One lean tool that facilitates this teamwork is called 5S (sort, stabilize, shine, standardize and sustain), which is a series of activities for eliminating wastes that contribute to errors, defects and injuries. In this improvement method, the fifth S, sustain, is arguably the hardest. It’s the one that keeps the first for S’s going by emphasizing the necessary education, training, and continuously improve operating procedures and the workplace environment. This effort requires a combination of committed management, proper training, and a culture that makes sustaining improvement a habitual behavior for the shop floor to management.

This chapter provides a synopsis of the 14 principles that constitute the Toyota Way. The principles are organized in four broad categories: 1) Long-Term Philosophy. 2) The Right Process Will Produce the Right Results. 3) Add Value to the Organization by Developing Your People, and 4) Continuously Solving Root Problems Drives Organizational Learning.

Summary of the 14 Toyota Way Principles

  1. Section I: Long-Term Philosophy.

    1. Principle 1: Base your management decisions on a long-term philosophy, even at the expense of short-term financial goals.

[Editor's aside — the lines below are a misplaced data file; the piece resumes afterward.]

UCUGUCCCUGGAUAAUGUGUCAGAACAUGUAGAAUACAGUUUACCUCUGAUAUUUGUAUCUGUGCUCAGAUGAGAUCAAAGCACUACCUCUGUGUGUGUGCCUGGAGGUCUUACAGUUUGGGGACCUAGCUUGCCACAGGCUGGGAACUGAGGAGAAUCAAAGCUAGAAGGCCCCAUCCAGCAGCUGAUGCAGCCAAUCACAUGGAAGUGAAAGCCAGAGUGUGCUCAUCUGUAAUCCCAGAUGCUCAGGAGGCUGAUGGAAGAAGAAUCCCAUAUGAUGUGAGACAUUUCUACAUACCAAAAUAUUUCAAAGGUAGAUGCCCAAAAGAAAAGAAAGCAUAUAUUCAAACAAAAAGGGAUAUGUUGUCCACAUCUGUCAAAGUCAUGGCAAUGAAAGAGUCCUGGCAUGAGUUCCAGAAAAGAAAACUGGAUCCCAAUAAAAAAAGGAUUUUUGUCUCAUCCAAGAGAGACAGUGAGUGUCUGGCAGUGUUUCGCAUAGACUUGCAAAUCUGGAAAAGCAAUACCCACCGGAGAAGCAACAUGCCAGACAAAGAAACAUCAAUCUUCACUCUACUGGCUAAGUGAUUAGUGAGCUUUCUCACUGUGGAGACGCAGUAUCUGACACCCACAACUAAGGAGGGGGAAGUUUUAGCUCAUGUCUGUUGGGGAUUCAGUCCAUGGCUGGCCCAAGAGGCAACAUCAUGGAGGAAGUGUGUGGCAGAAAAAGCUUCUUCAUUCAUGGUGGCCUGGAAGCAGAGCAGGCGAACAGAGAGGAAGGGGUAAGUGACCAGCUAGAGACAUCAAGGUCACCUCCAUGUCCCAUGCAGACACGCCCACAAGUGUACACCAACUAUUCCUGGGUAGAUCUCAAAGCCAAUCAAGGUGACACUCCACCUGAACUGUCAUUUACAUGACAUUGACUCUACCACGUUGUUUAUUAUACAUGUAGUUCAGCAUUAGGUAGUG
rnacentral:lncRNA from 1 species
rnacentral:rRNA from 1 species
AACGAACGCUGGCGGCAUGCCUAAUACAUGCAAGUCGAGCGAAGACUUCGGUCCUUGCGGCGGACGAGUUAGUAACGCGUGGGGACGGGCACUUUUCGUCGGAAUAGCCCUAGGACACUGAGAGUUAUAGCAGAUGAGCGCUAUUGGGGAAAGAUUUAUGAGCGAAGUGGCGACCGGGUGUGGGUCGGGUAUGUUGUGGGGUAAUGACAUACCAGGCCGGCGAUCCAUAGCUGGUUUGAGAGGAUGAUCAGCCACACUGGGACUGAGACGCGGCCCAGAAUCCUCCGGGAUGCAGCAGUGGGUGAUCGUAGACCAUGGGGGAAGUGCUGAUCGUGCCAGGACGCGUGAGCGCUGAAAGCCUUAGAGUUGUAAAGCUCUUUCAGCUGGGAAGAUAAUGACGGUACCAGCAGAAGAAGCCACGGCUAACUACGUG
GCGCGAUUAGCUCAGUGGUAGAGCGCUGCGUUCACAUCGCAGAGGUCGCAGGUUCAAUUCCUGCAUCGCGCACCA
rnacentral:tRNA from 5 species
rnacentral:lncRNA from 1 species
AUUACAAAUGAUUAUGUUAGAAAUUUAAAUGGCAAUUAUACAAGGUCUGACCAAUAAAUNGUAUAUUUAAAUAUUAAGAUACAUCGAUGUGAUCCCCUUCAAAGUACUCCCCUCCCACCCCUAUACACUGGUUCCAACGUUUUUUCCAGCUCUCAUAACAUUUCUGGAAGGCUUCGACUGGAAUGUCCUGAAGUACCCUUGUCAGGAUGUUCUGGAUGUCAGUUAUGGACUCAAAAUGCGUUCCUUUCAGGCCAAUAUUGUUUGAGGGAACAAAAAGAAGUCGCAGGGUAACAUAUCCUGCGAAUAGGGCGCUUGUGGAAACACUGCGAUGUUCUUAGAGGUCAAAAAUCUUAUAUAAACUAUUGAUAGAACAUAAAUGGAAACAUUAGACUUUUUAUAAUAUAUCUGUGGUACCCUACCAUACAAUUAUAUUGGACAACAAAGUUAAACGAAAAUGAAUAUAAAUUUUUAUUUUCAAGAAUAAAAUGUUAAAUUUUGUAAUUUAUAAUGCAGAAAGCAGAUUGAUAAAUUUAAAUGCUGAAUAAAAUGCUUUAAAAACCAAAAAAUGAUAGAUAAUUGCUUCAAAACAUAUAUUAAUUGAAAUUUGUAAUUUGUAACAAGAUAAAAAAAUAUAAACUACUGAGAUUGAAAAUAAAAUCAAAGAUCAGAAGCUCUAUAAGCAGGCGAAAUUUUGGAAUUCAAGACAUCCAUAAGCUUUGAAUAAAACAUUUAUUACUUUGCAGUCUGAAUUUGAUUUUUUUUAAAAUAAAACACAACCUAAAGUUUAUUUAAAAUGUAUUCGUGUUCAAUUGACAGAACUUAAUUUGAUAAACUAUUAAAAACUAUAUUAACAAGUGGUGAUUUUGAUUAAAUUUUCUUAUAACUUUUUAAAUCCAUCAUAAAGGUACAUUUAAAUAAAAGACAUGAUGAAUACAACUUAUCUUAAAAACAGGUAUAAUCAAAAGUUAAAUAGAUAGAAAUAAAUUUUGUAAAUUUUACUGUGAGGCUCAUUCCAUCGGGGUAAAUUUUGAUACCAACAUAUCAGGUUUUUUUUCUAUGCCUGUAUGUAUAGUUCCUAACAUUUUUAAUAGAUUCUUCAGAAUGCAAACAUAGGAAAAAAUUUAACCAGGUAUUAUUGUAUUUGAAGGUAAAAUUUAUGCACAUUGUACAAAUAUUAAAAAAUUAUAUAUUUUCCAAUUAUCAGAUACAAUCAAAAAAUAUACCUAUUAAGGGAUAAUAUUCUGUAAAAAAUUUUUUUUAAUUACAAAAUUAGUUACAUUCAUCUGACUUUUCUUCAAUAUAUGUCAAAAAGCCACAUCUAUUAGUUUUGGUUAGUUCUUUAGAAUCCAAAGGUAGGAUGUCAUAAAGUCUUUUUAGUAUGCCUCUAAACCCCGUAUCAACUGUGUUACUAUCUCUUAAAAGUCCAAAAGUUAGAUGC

2. Section II: The Right Process Will Produce the Right Results.
    1. Principle 2: Create continuous process flow to bring problems to the surface.
    2. Principle 3: Use “pull” systems to avoid overproduction.
    3. Principle 4: Level out the workload (heijunka). (Work like the tortoise, not the hare).
    4. Principle 5: Build a culture of stopping to fix problems, to get quality right the first time.
    5. Principle 6: Standardized tasks are the foundation for continuous improvement and employee empowerment.
    6. Principle 7:Use visual control so no problems are hidden.
    7. Principle 8: Use only reliable, throughly tested technology that serves your people and processes.
  3. Section III: Add value to the Organization by Developing Your People and Partners
    1. Principle 9: Grow leaders who throughly understand the work, live the philosophy, and teach it to others.